Pronounced, mo-chee, mochi's are wonderful Japanese rice cakes filled with your choice of either adzuki beans or green tea ice cream. I've always eaten mochis as my substitute for blueberries (miracle food), chomping on them before freestyle figure skating sessions or during finals week. They can be found in any small market in New York City, and are sold in either green or pink or covered with sesame seeds. They are dusted with cornstarch to decrease the stickiness quotient, which I'll call SQ, (but more on that later) and are rolled into circular, flat bialy-like structures. The ingredients include, one pound of rice flour, 1 teaspoon baking powder, 2 1/2 cups of sugar (although I recommend less), 1/4 teaspoon of lemon extract, four drops of red food dye (optional), and of course the adzuki beans.
While you can purchase whole adzuki beans, soak them and then puree them and add sugar, my grandmother brought me a can of red bean paste, which required no preparation at all. To begin, I heated my oven to 350 F and then mixed the rice flour, sugar and baking powder with a whisk. In a separate bowl I combined two cups of water with the lemon extract and red food coloring and then poured that into the other bowl and whisked until the consistency was smooth. I lined a cookie tray with tin foil and greased it with Crisco, poured the batter into the pan and covered it again with tinfoil.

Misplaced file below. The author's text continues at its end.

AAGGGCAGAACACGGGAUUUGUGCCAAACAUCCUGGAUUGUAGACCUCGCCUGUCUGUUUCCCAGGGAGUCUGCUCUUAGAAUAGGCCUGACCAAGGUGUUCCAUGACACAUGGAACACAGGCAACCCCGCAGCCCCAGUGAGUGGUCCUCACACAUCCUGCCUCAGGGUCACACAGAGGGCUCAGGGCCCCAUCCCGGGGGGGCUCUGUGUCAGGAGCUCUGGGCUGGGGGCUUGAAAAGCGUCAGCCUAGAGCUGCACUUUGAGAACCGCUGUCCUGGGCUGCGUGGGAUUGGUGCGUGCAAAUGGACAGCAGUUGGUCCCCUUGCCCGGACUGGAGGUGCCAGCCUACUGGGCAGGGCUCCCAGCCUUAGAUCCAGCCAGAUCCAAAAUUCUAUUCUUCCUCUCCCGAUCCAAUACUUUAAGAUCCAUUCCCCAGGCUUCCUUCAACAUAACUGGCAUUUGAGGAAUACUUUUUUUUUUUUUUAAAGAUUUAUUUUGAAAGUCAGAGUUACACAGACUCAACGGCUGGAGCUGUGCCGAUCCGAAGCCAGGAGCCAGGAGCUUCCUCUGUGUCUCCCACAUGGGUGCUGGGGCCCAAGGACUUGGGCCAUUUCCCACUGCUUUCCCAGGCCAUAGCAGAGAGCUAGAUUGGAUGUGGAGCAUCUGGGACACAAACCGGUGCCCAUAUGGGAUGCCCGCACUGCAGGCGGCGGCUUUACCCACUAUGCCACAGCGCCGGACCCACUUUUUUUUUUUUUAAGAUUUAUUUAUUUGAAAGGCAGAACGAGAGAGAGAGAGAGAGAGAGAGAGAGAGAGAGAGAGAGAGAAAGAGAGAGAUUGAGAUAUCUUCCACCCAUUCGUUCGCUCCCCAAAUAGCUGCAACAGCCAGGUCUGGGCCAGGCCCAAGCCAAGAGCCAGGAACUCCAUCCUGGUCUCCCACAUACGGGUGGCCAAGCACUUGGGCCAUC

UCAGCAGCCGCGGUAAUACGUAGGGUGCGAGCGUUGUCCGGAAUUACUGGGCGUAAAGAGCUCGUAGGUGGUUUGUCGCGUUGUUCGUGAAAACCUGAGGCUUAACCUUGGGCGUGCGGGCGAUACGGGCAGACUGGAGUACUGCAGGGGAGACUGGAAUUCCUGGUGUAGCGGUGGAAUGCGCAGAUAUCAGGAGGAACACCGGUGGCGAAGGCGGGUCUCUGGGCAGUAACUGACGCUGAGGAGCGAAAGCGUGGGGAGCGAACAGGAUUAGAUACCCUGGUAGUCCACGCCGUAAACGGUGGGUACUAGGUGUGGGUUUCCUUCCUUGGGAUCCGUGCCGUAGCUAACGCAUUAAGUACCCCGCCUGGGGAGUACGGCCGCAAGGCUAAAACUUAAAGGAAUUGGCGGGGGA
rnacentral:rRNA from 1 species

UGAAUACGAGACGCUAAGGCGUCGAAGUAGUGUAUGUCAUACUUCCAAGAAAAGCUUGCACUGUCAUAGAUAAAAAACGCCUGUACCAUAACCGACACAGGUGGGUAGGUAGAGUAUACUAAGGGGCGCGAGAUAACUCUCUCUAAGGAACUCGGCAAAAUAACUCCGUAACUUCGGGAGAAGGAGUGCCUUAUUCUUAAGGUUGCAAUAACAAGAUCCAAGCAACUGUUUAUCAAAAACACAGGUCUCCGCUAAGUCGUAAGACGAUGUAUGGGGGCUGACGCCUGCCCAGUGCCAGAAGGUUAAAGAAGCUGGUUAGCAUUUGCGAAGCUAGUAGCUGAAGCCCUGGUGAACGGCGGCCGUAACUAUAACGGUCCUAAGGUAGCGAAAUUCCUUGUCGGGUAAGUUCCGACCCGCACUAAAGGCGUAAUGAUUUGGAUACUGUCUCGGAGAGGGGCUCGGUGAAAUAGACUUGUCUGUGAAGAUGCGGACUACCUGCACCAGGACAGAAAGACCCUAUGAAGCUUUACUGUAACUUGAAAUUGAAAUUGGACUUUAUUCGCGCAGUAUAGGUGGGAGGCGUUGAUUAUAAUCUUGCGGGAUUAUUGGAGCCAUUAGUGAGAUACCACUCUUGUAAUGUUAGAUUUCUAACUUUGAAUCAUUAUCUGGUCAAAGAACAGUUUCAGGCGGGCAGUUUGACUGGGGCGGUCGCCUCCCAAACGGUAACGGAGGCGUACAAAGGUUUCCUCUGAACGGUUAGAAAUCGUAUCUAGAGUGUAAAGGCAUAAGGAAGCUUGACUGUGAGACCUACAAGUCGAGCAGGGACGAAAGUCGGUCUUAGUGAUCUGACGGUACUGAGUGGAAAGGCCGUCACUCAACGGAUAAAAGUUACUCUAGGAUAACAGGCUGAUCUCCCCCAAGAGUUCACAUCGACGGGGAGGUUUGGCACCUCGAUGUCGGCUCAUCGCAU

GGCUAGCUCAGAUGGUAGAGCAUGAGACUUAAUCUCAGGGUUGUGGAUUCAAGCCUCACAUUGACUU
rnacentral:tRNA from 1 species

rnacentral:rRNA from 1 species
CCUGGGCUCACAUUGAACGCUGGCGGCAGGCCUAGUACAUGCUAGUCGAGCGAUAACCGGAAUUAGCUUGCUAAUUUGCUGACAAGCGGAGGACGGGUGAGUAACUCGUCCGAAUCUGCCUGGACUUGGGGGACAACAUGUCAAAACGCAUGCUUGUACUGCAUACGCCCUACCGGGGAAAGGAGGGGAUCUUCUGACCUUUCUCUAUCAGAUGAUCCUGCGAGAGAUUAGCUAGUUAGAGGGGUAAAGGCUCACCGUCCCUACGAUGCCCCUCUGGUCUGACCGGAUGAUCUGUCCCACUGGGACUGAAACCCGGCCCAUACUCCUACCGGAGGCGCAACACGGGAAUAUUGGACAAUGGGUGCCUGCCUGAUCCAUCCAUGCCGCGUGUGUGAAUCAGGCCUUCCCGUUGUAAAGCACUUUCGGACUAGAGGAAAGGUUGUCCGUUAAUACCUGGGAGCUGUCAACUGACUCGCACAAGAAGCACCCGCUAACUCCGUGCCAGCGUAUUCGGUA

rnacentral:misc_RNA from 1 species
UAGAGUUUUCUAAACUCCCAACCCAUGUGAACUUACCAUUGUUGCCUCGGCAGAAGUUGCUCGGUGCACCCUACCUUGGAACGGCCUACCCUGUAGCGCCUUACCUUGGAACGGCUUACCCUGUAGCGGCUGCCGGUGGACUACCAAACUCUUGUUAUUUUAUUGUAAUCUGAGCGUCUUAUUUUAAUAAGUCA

My combination of recipes told me to bake for 1 hour, in lieu of using a microwave for about five to ten minutes (don't quote me on that), but this dried my dough out considerably and once it was cool, I had to knead it with water and then cover it with cornstarch to perfect the consistency. Suffice it to say that my SQ was borderline desert. I used my beautiful new rolling pin, which is ceramic and hollow so that you can pour cold water in it for short crust pastry and rolled the dough until it was about 1/4 inch thick.
I used a jar lid to cut out two circles, plopped some adzuki bean paste in the middle of one, covered it with the other and then pressed around to fuse the two sides together. This is definitely not what you are supposed to do, but it worked for me. I cut off the excess and powdered the finished cake with more cornstarch. They are a little dry but and I quote my mom they are, "Amazing!" who would not just dish out a false compliment because I'm her daughter. It was in the '20s today, so after skating for an hour at Bryant Park's portable rink, I ate a pink mochi with some jasmine tea in my "Keep Calm and Carry on" mug.